• #806
    David Farkas

    Jack MacD;543 wrote: Mark,
    I think David wants to do weightlifting. Since he is both his own very good IT dept. and Dale has an IT dept. he can work very well with a PC. Apple is a good choice for those of us without those skills and departments.

    So if he was willing to give up 8 to 16 Gig RAM capabilities with all the rest that he needs to have with him at all times, David should get a Dell SSD lightweight over the Air, and that is fine and can be a great choice.

    If however one lives in the Mac ecosystem, the Air is an perfect solution for travel as I discussed on another thread. I am now typing on it and I must say that David was the one who advised me to get the i7 over the i5. I am not using this for huge crunching of photos because when I am on the road, I don't want to be in my hotel all night crunching photos and then too tired to shoot photos the next day. BTW David, you are so right that the SD card reader is one quarter of the download speed of a firewire 800 reader of my CD card, so I look forward to a thunderbolt reader. I have yet to test how long it takes to work a big S2 file on my 4gig Air versus my 16gig iMac. I am hoping the SSD is a big help.

    If I go on the fall shoot with David, we will have a test of the best travel solution. But if he doesn't buy a true lightweight solution, either PC or Mac, we will see who checked their luggage and who did just carry-on.

    Jack,

    I think my issue is that I have a lot of different needs depending on my intended use. Sometimes, like on our Fall foliage trip, I need to have full editing capability with desktop speed and screen real estate. When I travel for demos, I also need speed, but portability is a bit more important as I take cabs and trains to visit multiple clients in a short amount of time. Personally, when I fly I like to have in-flight distractions so a super-lightweight iPad with enough battery life to watch a few movies is the most important factor. I only use my iPad for entertainment and web browsing 90% of the time (even though I have about 100 apps installed). My laptop stays in the overhead bin.

    In an ideal world, I'd have a MBA to possibly replace my iPad (flash content would be sweet as would a real keyboard), but there is no built-in 3G/4G. I could always just use my BlackBerry to tether over Bluetooth or USB (unlimited data and no extra charge for tethering – life isn't so bad in the non-iPhone world :p).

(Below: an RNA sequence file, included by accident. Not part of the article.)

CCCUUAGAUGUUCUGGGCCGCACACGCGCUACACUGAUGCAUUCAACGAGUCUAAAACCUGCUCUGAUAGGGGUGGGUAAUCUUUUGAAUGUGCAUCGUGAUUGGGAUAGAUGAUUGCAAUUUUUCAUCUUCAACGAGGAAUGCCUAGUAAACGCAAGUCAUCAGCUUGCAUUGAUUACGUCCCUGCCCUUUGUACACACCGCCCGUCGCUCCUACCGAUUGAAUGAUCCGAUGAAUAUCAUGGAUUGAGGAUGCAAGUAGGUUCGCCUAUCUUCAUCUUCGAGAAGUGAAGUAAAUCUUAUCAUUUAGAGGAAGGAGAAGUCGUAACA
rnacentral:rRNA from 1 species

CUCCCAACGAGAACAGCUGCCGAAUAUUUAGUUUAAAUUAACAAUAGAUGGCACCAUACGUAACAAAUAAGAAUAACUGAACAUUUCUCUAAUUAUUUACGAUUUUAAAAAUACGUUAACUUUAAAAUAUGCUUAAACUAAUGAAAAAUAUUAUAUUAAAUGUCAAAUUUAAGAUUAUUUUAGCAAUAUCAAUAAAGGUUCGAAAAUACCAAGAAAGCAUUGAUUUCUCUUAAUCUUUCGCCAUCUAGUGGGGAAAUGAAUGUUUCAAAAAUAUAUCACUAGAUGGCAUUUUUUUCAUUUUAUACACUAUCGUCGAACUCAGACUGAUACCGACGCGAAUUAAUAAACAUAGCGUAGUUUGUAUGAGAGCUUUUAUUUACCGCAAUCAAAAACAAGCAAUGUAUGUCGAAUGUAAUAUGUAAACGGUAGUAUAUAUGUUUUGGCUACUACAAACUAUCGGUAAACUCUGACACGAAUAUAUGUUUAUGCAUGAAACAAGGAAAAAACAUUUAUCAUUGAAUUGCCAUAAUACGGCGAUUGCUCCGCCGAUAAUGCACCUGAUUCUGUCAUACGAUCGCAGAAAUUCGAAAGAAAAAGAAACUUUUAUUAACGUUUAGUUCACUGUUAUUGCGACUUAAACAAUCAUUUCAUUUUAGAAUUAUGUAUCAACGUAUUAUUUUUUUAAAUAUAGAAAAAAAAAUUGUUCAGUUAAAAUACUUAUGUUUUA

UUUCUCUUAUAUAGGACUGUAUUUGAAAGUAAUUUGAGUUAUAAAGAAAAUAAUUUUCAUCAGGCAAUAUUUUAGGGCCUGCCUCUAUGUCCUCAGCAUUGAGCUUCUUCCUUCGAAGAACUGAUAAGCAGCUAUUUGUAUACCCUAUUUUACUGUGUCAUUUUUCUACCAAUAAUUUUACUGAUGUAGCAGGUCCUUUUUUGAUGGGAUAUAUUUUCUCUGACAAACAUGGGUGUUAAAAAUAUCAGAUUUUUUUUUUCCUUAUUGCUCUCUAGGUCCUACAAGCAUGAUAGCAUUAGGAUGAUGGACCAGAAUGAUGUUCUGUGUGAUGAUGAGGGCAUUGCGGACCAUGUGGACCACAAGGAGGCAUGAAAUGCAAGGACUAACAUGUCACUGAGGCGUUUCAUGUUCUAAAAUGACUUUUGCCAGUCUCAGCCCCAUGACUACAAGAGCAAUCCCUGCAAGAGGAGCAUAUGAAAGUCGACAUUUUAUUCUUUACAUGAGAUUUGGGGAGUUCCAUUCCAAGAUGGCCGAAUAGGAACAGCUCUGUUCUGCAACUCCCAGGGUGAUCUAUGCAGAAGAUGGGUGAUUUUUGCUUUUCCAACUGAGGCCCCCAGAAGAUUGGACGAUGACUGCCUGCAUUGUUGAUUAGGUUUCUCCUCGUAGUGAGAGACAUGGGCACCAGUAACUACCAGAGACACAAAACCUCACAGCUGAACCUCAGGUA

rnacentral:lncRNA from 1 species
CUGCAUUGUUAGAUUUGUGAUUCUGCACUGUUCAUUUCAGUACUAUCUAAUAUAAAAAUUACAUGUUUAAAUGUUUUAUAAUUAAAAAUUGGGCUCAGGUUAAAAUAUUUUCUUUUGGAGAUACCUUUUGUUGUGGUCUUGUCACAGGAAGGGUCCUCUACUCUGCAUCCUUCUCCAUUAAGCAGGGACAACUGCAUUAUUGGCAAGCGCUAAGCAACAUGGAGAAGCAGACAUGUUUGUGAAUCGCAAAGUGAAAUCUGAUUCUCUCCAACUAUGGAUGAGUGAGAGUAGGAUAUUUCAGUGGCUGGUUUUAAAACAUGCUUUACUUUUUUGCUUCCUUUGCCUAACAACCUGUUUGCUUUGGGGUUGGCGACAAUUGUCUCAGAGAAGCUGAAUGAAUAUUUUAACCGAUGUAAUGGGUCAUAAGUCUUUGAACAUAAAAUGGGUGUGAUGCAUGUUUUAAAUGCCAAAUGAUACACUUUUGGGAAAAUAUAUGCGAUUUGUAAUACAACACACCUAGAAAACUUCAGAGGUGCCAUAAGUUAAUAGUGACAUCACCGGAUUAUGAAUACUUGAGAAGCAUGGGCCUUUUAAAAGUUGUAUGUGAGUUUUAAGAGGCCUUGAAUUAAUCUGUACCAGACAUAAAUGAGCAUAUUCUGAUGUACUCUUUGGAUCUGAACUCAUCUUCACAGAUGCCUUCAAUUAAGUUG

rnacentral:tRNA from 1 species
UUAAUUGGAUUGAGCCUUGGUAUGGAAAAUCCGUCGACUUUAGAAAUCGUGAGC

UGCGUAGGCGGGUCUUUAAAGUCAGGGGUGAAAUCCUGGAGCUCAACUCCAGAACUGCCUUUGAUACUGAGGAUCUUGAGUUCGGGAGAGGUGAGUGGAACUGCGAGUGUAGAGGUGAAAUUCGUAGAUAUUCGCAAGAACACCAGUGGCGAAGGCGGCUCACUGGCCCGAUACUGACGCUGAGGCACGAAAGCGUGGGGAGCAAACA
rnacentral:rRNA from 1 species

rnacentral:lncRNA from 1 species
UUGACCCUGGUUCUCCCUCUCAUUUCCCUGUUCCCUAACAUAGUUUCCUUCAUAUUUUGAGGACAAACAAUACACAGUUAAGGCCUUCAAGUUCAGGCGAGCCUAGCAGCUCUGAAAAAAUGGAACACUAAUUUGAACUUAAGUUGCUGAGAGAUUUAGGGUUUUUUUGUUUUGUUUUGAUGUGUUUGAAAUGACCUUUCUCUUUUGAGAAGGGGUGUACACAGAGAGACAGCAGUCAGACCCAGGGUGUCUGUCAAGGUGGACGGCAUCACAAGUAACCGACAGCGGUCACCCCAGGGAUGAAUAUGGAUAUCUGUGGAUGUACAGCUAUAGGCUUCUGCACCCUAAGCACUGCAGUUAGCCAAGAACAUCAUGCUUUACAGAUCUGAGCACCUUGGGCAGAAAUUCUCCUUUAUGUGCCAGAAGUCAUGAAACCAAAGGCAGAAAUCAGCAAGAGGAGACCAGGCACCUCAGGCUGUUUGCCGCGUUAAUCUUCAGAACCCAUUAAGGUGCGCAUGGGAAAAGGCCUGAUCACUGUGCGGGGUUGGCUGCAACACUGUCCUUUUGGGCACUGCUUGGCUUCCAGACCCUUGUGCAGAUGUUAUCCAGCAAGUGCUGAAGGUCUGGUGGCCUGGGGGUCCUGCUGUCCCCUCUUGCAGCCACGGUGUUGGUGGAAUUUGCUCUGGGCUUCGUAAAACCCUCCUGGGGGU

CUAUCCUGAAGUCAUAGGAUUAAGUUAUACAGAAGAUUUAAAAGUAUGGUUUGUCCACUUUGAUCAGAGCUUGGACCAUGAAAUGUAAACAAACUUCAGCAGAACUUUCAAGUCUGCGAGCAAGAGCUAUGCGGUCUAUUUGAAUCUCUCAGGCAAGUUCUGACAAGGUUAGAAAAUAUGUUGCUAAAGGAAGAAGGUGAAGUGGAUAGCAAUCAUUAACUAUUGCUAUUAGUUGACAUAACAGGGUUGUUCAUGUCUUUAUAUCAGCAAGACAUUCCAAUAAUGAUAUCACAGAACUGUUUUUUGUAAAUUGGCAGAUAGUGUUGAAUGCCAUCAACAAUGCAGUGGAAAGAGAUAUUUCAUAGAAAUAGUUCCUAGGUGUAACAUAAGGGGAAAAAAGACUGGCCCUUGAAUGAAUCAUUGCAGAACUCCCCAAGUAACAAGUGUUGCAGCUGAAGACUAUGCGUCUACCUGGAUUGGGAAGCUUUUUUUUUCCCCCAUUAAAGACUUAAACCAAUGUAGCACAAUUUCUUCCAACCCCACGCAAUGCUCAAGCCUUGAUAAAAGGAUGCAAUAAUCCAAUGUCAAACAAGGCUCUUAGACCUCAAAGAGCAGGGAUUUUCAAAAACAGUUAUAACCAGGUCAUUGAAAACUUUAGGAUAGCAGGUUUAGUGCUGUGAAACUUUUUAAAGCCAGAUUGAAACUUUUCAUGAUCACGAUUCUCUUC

Weightlifting? 🙂 C'mon… the M4600 is 6lbs. A 15″ MBP is 5.6lbs. My current machine is 8.5lbs and I carry it from home to work and back every day. In fact, I don't have a desktop at home or at work on my desk. My laptop is my movable desktop – I like to have access to all my files all the time.

    I don't think Windows is as bad as Steve Jobs would like everyone to believe. I've always used business-class Dell computers with 3yr next-day on-site service contracts (no waiting in line at the Genius Bar) and no installed bloatware. Drivers just work and the hassles of home-built computers is non-existent.

    We don't have an IT department besides me. I go several weeks between reboots on my computer and keep tons of stuff running all the time: 50-100 browser tabs spread between Firefox, IE and Chrome, a few Excel spreadsheets, a few Word documents, Outlook, a couple PDFs, our order management software and Lightroom. I like to have information quickly available and often work on multiple projects at once. I think in the last fifteen years of Windows use, I've gotten one virus and it was on Windows 98, never on Windows 7. Windows 7 is an amazing OS, which perosnally I find faster and more productive that OS X, which I also use on an almost daily basis.

    I'm not knocking Apple products. In fact, I own shares of AAPL and several Apple products and have a business account at our local store. But for serious image editing, content creation, web programming and getting work done every single day, I turn to my Windows machine. Not saying I know better than others or that you can't get work done on a Mac. I just prefer Windows for most things.

    And, you better believe I will be checking a lot of bags! I have a week's worth of hiking and cold weather clothes, a photo backback full of S2 gear and filters, a 3-series Gitzo tripod, and yes – a computer to bring. I would be astonished to see you manage carry-on only. 😀

    I look forward to you coming on the trip so we can compare notes and laptops. 😎

  • #809
    Jack MacD

    If you use your laptop as your desktop I give you a pass on my weightlifting crack.

    I think Dell is terrific, there are dell products that are as light as the Air, not as well promoted, but excellent choices. A Latitude E6320 is a nice choice.
    http://www.dell.com/us/business/p/laptops#!facets=117389~0~3792855,168074~0~11506627,51795~0~11401827,51795~0~11384531,55846~0~5930679&p=1

    I think you should consider an air-like dell as an alternative to your iPad. I got the iPad as an electronic portfolio. Turns out I sold more iPads to clients in the first months than photos. Then I just liked it for web browsing. But for typing, it was not fun. I needed a keyboard that would not print m instead of a space. See today's WSJ for Walt's keyboard solutions for the iPad. Rather than drag around such a keyboard, I asked myself why not just get a light laptop, as long as it had impressive battery life as the iPad does. I don't miss the iPad, so far a light laptop, be it Dell or Air is working for me.